Categories: Startup Tips
Busting Myths about Startup Lawyers
Let’s be honest, if this is your first startup (or even your second, maybe your third?) your interaction with corporate lawyers may be limited to television shows like Suits, or The Good Wife, or Better Call Saul. All very entertaining, but not really a great primer for understanding your relationship with legal counsel.
Over the years we’ve come across a lot of misconceptions about what it really means for a startup to be working with a lawyer. Here are four myths ripe for busting:
I’ve Got this Friend that’s a Lawyer… (the Buddy Myth)
Looking to your personal network for different connections, insights and service providers can be a great and powerful tool. But one that should be used cautiously, as it is a double edged sword. Good personal relationships do not always lead to good professional relationships.
Before jumping in with both feet, consider whether that friend from high school actually has the skills and experience to provide you with the best legal advice. Do they practice in the area you need? Are they on their own, with a small firm of specialists, or at a larger firm with a broader practice to draw from?
Finding the right legal advisor is not always simple. While you may trust that old friend, or the lawyer that your mother worked with in her business, or the firm that handled your apartment purchase, that doesn’t necessarily mean they are well suited to provide you advice on protecting your IP, or preparing for a venture financing.
We have spent a good deal of time with many clients fixing issues created after they got a “deal” from a friend that was dabbling in an area outside of their expertise.
On the flip-side, don’t discount someone just because you have a previous relationship. Ask the tough questions, but if you have a good relationship with someone skilled in the area you need, that’s a powerful combination.
Do you have a Template for X? (the Precedent Myth)
Also file under, “I don’t need you to do anything, just send me the template.”
This is another complicated myth, as most (all?) lawyers do work from precedents, previous documents similar to the present needs that serve as a basis for the current work. Some firms will also have model documents or templates that they can start fresh each time a similar matter arises. Other firms (our included) even work on taking these model templates to the next level and automating the different variables that may go into preparing a more tailored first draft.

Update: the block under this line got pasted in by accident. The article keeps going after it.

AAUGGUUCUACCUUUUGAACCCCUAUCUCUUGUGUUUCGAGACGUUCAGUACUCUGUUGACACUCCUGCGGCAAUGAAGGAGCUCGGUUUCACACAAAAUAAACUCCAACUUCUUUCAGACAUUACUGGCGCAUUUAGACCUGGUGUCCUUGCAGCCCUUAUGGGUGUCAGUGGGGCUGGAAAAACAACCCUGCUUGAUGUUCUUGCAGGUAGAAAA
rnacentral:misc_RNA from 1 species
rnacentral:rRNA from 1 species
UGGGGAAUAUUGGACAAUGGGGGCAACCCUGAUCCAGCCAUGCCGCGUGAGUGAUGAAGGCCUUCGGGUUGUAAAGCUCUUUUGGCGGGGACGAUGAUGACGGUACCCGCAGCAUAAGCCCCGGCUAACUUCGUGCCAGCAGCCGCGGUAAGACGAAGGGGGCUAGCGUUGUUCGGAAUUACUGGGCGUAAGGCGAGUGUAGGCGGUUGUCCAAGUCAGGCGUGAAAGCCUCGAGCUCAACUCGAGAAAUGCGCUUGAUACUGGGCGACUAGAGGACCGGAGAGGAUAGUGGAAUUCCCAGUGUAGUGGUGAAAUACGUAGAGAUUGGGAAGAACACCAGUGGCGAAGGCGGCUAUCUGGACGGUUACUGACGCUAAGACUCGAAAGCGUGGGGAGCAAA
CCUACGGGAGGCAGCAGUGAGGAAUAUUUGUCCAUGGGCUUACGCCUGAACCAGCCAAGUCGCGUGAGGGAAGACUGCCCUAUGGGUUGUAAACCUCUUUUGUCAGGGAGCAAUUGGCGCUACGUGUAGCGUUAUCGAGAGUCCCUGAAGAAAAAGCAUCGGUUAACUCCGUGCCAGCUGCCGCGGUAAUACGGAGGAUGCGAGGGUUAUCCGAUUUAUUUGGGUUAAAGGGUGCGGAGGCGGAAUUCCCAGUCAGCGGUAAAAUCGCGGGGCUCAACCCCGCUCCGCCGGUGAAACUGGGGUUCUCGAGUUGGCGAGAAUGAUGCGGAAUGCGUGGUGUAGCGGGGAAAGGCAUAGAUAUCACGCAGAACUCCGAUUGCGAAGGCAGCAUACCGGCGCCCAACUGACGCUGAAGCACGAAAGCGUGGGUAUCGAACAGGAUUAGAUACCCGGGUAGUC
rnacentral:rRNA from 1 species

The myth is that these documents are plug-and-play ready, where the non-lawyer user need only drop in a few details and it’s off to the races. In fact, most precedents and templates (automated or not) require a lot more in the way of consideration in order to make sure that the document actually fits your specific needs. The precedent is a great starting point, but unexamined, uncustomized documents can lead to a rude awakening down the road.
As an example, you would never (of course you wouldn’t) simply download a random employment agreement online to use for your business without understanding it. You might accidentally end up with an employment agreement from California, which provides that your employees are “at-will”, terminable without notice, even though they’re employed in Vancouver where that arrangement isn’t legal. If you did, you might have a rude awakening when trying to terminate an employee down the road.
Likewise, taking a standard form shareholders’ agreement or option plan from your lawyer without discussing the provisions could leave you with a document that doesn’t actually do what you expect. I had one client that simply assumed that the template shareholders’ agreement they had put in place (before engaging us, as it happens) would allow them to drag along minority shareholders in a sale. It did not.
The legal advice that you receive with your document can be just as important as – if not more important than – the document itself. If all you’re expecting your lawyer to do is pass you a document from the precedent vault, you’re probably paying too much.